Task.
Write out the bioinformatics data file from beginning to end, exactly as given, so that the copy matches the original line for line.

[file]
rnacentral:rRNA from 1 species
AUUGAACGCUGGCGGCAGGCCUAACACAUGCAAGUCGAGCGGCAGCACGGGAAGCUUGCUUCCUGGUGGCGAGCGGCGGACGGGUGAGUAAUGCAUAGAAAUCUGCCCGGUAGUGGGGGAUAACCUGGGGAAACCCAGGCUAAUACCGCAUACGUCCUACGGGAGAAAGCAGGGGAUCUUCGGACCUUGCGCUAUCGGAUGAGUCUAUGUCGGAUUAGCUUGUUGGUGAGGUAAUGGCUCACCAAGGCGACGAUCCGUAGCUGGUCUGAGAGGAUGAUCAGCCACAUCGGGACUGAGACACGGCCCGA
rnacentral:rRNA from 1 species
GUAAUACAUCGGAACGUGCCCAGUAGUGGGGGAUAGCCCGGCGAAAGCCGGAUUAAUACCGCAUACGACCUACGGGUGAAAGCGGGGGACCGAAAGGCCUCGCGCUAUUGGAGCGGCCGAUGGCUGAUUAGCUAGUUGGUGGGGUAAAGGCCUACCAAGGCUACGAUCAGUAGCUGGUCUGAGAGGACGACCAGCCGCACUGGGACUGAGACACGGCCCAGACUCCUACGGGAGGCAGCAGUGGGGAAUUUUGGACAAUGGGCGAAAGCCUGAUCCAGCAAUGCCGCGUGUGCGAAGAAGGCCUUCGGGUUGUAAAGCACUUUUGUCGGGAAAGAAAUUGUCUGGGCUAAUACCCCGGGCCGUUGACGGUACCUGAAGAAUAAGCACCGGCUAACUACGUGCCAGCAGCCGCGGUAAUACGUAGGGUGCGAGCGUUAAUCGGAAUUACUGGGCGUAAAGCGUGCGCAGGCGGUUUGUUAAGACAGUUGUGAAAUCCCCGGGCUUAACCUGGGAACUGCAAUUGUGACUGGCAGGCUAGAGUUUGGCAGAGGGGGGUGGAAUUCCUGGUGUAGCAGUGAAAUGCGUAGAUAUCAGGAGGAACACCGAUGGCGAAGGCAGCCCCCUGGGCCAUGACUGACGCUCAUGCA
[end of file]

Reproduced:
rnacentral:rRNA from 1 species
AUUGAACGCUGGCGGCAGGCCUAACACAUGCAAGUCGAGCGGCAGCACGGGAAGCUUGCUUCCUGGUGGCGAGCGGCGGACGGGUGAGUAAUGCAUAGAAAUCUGCCCGGUAGUGGGGGAUAACCUGGGGAAACCCAGGCUAAUACCGCAUACGUCCUACGGGAGAAAGCAGGGGAUCUUCGGACCUUGCGCUAUCGGAUGAGUCUAUGUCGGAUUAGCUUGUUGGUGAGGUAAUGGCUCACCAAGGCGACGAUCCGUAGCUGGUCUGAGAGGAUGAUCAGCCACAUCGGGACUGAGACACGGCCCGA
rnacentral:rRNA from 1 species
GUAAUACAUCGGAACGUGCCCAGUAGUGGGGGAUAGCCCGGCGAAAGCCGGAUUAAUACCGCAUACGACCUACGGGUGAAAGCGGGGGACCGAAAGGCCUCGCGCUAUUGGAGCGGCCGAUGGCUGAUUAGCUAGUUGGUGGGGUAAAGGCCUACCAAGGCUACGAUCAGUAGCUGGUCUGAGAGGACGACCAGCCGCACUGGGACUGAGACACGGCCCAGACUCCUACGGGAGGCAGCAGUGGGGAAUUUUGGACAAUGGGCGAAAGCCUGAUCCAGCAAUGCCGCGUGUGCGAAGAAGGCCUUCGGGUUGUAAAGCACUUUUGUCGGGAAAGAAAUUGUCUGGGCUAAUACCCCGGGCCGUUGACGGUACCUGAAGAAUAAGCACCGGCUAACUACGUGCCAGCAGCCGCGGUAAUACGUAGGGUGCGAGCGUUAAUCGGAAUUACUGGGCGUAAAGCGUGCGCAGGCGGUUUGUUAAGACAGUUGUGAAAUCCCCGGGCUUAACCUGGGAACUGCAAUUGUGACUGGCAGGCUAGAGUUUGGCAGAGGGGGGUGGAAUUCCUGGUGUAGCAGUGAAAUGCGUAGAUAUCAGGAGGAACACCGAUGGCGAAGGCAGCCCCCUGGGCCAUGACUGACGCUCAUGCA